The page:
Participating in the world’s biggest climate strike to date, on 20 September 2019 in New York, I became even more convinced that it is young people who must have an impact on their future. We cannot disappoint future generations by depriving them of the opportunity to use the goods of our planet to the same extent that we have the honour of using now. The significance of the September 20 protests (also known as the “Thousand Cities March”) was extremely symbolic. It took place the day before the Youth Climate Summit, and three days before the Climate Summit of the UN Secretary General, which gathered the most important leaders of the world.

By participating in strikes around the world, young people have shown that they do not want to wait until the leaders make the right decisions – this must happen as soon as possible, because, as the UN Secretary-General says, “Climate change is moving faster than we are”. Moreover, young people want to be part of the climate talks and agreements. They don’t want to let their future be decided without them. By putting pressure on decision-makers, showing them the importance of civil society and the role of young people in making decisions, they want to be noticed and understood by politicians.

Wywierając nacisk na decydentów, wskazując im znaczenie społeczeństwa obywatelskiego i rolę młodzieży w podejmowaniu decyzji, chcą być dostrzeżeni i zrozumieni przez polityków. 

After months of talks and looking for system solutions, Polish youth will have such a chance. The Youth Climate Council, which will start operating as early as the end of Septembers 2020, is an example of the fact that young people can participate in the most important discussions and influence the climate policy in our country. This is a huge step forward, it can even be considered historic. The appointment of an advisory body at the Ministry of Climate and Environment, consisting of young people between 13 and 26 years old, who will be able to present their ideas for solutions and changes, is hope for a better tomorrow. A summary of young people’s commitment in our country and appreciation of their efforts. The formation of the Youth Climate Council will awaken unprecedented energy – this energy that everyone who has ever participated in climate protests or environmental initiatives organized by young people felt. Inviting young people to the Ministry of Climate and Environment is opening the door to their brilliance and innovation. It is the first step in, I hope, reforming measures such as introducing a broad and appropriate climate education in Poland, supporting youth activity for the benefit of climate and taking young people into account when introducing regulations included in the European Green Deal.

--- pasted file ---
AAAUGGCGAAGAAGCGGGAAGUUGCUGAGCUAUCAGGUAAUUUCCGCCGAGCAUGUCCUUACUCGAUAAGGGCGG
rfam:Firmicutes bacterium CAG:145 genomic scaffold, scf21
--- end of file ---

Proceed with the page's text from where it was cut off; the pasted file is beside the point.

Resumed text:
The COVID-19 coronavirus pandemic has changed our attitude to life. We realized that we could not simply return to our ‘normality’ before the crisis, because it is this reality that was the problem. A reflection is needed on how to start living anew, in an ecological way, without having a negative impact on our planet. Only in this way can we save the Earth. Let’s start the new reality with a clean slate – now it depends on us what the future will look like and seeing the commitment of young people I am convinced that they will have a huge (positive) influence on it.

Katarzyna Smętek for ClimateNow!